- Look, this would be a better story if the pillows were good. That would be complicated, and maybe confronting such an inconvenient truth would yield some kind of worthwhile insight about the nature of man and how we can tolerate evil in exchange for comfort. I don’t know if it comes through, but that’s sort of what I’m going for here, generally, in my work as Washington correspondent for New York Magazine. I take no pleasure at all in reporting that these pillows are just as bad as you would assume they are.
My father-in-law has a MyPillow. He bought my wife a MyPillow. He didn't buy me one. That's A-OK.
My wife tolerates her MyPillow. She's mentioned lately that she should probably burn it, considering, but despaired when my last voyage to Bed Bath & Beyond revealed that they're swirling the bankruptcy bowl and have gotten rid of things like... housewares. It's kind of an As-Seen-on-TV store with coupons now. When I told her that BB&B was no longer carrying MyPillow she asked what other pillows they carried. "I didn't see any," I said. Thus, she continues to sleep on a MyPillow.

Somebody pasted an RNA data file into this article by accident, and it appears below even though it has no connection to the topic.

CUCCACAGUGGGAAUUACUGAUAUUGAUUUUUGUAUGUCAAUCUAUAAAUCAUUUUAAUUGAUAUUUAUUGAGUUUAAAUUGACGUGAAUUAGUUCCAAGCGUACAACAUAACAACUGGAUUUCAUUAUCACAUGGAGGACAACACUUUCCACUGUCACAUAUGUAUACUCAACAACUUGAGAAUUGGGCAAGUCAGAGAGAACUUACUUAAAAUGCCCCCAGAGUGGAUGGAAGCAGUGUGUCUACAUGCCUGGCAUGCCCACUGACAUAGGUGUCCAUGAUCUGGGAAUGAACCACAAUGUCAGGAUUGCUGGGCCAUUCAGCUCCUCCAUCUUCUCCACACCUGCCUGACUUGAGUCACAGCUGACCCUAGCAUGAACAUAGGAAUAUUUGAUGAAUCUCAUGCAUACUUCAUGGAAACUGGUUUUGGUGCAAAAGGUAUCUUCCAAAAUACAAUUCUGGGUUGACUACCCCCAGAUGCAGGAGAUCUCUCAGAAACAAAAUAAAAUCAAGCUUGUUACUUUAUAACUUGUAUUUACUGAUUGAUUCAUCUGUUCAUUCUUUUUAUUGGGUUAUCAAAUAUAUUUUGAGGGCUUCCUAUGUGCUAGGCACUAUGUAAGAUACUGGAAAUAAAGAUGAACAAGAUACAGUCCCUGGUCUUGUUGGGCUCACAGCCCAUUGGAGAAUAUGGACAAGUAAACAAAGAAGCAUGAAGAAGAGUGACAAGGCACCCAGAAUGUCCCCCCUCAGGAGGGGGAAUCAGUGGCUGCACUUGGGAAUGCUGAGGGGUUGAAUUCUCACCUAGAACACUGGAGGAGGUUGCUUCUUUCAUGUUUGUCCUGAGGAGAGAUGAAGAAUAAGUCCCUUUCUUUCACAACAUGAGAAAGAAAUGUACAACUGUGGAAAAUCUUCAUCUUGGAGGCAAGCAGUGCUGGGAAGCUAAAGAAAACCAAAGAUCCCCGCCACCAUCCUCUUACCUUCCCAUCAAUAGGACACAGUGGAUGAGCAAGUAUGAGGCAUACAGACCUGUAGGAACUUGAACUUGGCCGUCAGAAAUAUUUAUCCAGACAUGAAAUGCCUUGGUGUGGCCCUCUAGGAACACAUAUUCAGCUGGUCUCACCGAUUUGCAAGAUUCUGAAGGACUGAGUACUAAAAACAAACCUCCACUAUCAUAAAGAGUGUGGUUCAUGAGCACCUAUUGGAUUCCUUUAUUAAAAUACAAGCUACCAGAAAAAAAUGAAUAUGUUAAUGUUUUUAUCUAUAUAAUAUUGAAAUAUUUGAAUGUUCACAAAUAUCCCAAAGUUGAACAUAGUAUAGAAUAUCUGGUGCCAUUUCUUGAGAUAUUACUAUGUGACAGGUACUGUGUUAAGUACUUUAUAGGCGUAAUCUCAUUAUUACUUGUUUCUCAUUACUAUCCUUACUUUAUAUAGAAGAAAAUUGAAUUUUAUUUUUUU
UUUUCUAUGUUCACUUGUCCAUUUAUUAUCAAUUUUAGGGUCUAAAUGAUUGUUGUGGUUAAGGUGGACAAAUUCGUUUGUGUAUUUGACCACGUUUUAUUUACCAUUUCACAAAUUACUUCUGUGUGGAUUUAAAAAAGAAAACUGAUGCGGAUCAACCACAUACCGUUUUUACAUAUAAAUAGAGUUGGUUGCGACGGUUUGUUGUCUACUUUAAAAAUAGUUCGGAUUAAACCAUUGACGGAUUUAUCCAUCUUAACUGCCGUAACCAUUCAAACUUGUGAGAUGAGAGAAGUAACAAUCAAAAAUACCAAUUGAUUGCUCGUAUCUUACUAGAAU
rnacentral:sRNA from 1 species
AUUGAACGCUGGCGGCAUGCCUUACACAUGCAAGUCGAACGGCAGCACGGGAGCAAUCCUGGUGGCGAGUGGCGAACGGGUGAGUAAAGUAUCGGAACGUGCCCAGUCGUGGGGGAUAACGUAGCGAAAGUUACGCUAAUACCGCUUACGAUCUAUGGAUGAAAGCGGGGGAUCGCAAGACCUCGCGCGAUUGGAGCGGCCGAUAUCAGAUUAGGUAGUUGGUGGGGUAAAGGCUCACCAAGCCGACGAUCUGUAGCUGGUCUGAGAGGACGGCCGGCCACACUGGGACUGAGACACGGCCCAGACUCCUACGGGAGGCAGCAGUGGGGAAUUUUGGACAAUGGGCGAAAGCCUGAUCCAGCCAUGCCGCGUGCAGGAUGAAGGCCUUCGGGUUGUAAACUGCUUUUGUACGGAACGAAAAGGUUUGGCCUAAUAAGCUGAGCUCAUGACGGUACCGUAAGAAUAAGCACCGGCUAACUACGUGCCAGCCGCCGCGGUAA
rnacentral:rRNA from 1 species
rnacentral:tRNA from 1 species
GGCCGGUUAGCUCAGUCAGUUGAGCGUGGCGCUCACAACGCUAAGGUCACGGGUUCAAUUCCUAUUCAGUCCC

The principle advantage of the MyPillow is I don't take it and fold it in half when she's not around to take a nap on. The arrival of the MyPillow mostly served to encourage my wife to tell me to leave her fucking pillow alone. She's a spectacular woman with exceedingly simple needs so I don't so much as touch her pillow anymore. The principal advantage, as far as she's concerned, is that it doesn't have a crease in the middle.
I would say that a MyPillow is basically a Tempurpedic pillow run through a wood chipper and stuffed in a cotton bag. This means it is lighter, lumpier and breathes just as shittily as a Tempurpedic pillow. A Tempurpedic pillow, on the other hand, becomes the sweaty thigh of your least favorite aunt in the summer and a wet bag of sand in the winter so running one through a chipper is, I suppose, innovative.